Mike's attempts at getting by Bill Binnie are being repeatedly thwarted. "I was really pushing through the Maggots-Becketts complex, but I came round and was unsighted by a GT2 Porsche, and there was a huge chunk of debris that had been clipped onto the racing line. I had nowhere to go but straight over it. It had me airborne, and by the time I'd put my teeth back in, I'd lost Binnie . . . again." He backs off a little and Phil tells him not to worry, because Tommy can always get him later!

Having lost ground as a result of his aborted pass, MIke is now closing back again on Binnie, and has halved the gap to four seconds. Within a lap he's narrowed that still further to 3.6 seconds. He is concerned about the possibility of damage to the car, however, after unspecified contact. "It feels OK," he says, "but I drove straight over that debris."

The #19 Chamberlain Synergy LMP1 Lola (19th overall) is off once . . . then then again three minutes later.

Mike pits to hand back to Tommy Erdos, and the team perform an exemplary pitstop to see the Brazilian back out again before 4:50. Mike, however, is in a bad way, having been suffering from severe cramp in his upper left leg, and this gets markedly worse as he climbs from the car. It is several minutes before he can stand. He's also been suffering with wind . . . which has been exceptionally blustery, particularly at the end of Hangar Straight and through Stowe, he says. "Never a dull moment," he laughs. "It was particularly exciting when I was airborne. It may even have been our own legal panel that I drove over - the original one we lost before Tommy's pitstop. I just gritted my teeth and stared at the sky. The car jumped out of gear when I landed, so I Iost even more ground to the Binnie car than I might otherwise have done."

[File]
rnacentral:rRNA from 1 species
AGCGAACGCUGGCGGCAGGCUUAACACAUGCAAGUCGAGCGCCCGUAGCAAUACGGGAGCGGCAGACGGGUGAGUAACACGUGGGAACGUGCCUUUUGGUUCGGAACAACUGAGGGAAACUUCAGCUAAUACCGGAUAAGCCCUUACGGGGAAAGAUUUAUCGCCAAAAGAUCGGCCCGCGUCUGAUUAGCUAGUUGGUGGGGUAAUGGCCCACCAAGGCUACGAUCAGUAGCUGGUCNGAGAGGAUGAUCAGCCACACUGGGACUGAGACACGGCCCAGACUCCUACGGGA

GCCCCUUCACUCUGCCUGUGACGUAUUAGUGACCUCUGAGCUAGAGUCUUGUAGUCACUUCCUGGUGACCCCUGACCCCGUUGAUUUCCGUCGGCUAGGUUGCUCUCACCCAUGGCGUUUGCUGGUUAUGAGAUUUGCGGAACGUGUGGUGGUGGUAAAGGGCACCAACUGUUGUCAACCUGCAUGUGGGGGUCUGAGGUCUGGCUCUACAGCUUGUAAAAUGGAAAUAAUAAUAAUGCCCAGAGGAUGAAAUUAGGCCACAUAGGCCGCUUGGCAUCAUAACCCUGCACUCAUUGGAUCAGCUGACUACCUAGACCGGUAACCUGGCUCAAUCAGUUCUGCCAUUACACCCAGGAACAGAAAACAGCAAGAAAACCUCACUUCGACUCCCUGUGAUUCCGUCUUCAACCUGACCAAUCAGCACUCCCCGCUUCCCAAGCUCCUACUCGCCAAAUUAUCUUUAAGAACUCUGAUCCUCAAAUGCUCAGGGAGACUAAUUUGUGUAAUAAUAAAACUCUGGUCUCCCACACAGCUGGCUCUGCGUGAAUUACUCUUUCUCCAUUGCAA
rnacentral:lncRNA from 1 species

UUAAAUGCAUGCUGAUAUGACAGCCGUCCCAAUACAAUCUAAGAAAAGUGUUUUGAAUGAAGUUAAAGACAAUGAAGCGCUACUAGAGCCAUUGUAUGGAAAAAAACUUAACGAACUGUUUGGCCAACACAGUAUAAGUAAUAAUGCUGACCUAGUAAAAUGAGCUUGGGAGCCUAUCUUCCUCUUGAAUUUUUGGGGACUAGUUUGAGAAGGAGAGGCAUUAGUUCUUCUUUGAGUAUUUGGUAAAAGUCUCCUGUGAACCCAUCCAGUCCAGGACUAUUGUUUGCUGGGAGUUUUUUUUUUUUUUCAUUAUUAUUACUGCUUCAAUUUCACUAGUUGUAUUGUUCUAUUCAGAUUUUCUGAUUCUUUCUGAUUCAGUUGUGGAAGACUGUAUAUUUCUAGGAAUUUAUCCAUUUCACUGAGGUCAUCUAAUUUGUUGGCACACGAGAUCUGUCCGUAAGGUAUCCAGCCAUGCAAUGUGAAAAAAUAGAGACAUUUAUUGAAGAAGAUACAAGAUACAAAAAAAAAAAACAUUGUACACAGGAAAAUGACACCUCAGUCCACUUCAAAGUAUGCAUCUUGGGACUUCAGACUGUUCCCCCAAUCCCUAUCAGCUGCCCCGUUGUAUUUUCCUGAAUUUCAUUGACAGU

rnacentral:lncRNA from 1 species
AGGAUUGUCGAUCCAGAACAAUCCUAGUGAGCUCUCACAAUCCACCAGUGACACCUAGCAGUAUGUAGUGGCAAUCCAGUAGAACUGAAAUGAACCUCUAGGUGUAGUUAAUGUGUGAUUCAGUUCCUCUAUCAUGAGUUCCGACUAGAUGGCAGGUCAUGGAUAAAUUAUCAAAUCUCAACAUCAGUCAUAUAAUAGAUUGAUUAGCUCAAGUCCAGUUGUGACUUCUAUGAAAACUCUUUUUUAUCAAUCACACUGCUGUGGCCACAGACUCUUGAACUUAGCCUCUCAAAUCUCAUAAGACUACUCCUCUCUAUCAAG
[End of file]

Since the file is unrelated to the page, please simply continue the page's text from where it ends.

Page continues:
Out on track, Tommy is some 70 seconds behind Binnie, although the #31 has yet to pit, but his next target is Eric van de Poele in the #27 Horag Lola.

Photo: David Lord / DSC